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The mid-90's is a much maligned era for Napalm Death with most of the criticism well justified. Albums like "Diatribes," "Inside The Torn Apart," and "Words From The Exit Wound" featured some stand-out material but were also weighted down by plodding, repetitive mid-paced numbers and some misguided experimentation. That said, however, there are some gems from that era and this EP is one of them.
"Greed Killing" leads off with three-minutes of intense, neck-snappingly heavy metal. In 1995, this song was a breath of fresh air for the band, an intriguing attempt at incorporating traditional song structures into their grind template. The chorus is sickeningly heavy with a hook strong enough to hang a cadaver on. Had they written more songs of this caliber, as compared to the utterly wretched "Self Betrayal," this era would be more fondly remembered. That song, a half-assed attempt at a Swans-like dirge, just doesn't come together at all, sounding more like a discarded jam than a song.
"My Own Worst Enemy" and "Finer Truths, White Lies" are both mid-paced affairs, enjoyable but not exceptional, they are more reminiscent of the filler that bogged down the albums of this period. Whereas on a full-length these songs would just blend in and be forgotten, here they are given enough room to settle in and make a decent impression. Both tracks feature groove oriented riffage with funky syncopated drum beats. "My Own Worst Enemy" falters along simplistic lines, the body of the song has some meaty riffs and hooks but the chorus falls flat, collapsing the song slightly. That track made the album whereas "Finer Truth, White Lies" did not. Would it were the other way around as "FTWL" features a deep, heavy groove that just invites a huge pit breaking out.
As for the other tracks, "Antibody" and "All Links Severed" deliver a classic dose of ND goodness. These songs blast through with the grinding death metal we all wish had been more prevalent on the albums of this era.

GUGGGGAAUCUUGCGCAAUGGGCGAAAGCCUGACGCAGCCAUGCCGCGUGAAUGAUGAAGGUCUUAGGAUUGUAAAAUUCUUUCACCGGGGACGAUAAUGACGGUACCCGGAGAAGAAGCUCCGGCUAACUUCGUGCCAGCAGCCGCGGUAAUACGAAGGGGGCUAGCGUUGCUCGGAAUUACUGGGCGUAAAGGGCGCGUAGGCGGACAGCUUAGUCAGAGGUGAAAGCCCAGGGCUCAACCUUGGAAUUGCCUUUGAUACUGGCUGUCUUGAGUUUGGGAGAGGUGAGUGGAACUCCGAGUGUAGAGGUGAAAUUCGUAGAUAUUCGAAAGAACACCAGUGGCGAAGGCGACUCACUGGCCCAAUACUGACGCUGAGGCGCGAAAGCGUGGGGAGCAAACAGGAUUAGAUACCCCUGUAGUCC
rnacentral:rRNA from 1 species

Overall, this is a diverse and enjoyable short program of songs. The production is crisp and punchy, though the guitars sound a little flat and low in the mix. Barney's voice, however, sounds snarlingly strong and vicious, probably the best he's ever sounded on record.
Note that there is a bonus, live track from 1994 on some editions. It's terrible, sounding like congealed mud, and ought to have been omitted.
The mid-90s were a period where a lot of the mighty fell, and few fell harder and more terribly than Napalm Death did. While other bands were gradually either dumbing down their sound, taming it for mass consumption, or in this particular case both at the same time. Between the castrated guitar-tone that sounds like something off up Sepultura’s post-Cavalera period, the mess of disjointed ideas, and the perpetual mid-tempo groove going on here this could technically be seen as an early nu-metal release. Even Robb Flynn was doing stuff better than this during the mid-90s.
Mark Greenway has always had a less than stellar take on the death grunt, but most of what’s on here sounds either like 3rd rate David Vincent work or someone farting frogs out of their ass. He really ratchets up the boredom factor on “Self-Betrayal”, which is basically 70% taking rather than actual vocals; overtop a nice variety of dumb assed 2 note grooves of course. Some of the better work he does on here is during “Finer Truths, White Lies”, which in itself is a pretty sloppy collection of half-riffs and needless drum showboating, though not quite as ridiculous as what you’d here out of Cryptopsy or Mastodon.
Things get a little better after you get through the first 4 songs, although the really messy production and half-aggressive guitar tone masks it. “Antibody” is the only thing on here that manages to avoid getting itself stuck in groove land, sounding like a pretty solid death/thrash song half the time and loaded with grinding blast beat sections the other half. Greenway doesn’t bother with any narrating or long grunts, and sounds closer to his older incarnation when he first joined up with this outfit. The other studio song “All Links Served” gets a little repetitive, especially during the middle section, but at least avoids sounding like an outtake from “Chaos A.D.”.
This was obviously far from a highlight for this band, especially considering how legendary a lot of their earlier stuff is. If you like Machine Head with low guttural barks instead of pseudo tough guy yells, this might appeal to you, but considering all of the extreme stuff out there that puts more emphasis on metal rather than crappy hardcore ala Biohazard, this is not something that you’d want to blow money on. I got this second hand for $3 and I think the money would have been better spent on crappy McDonalds' food.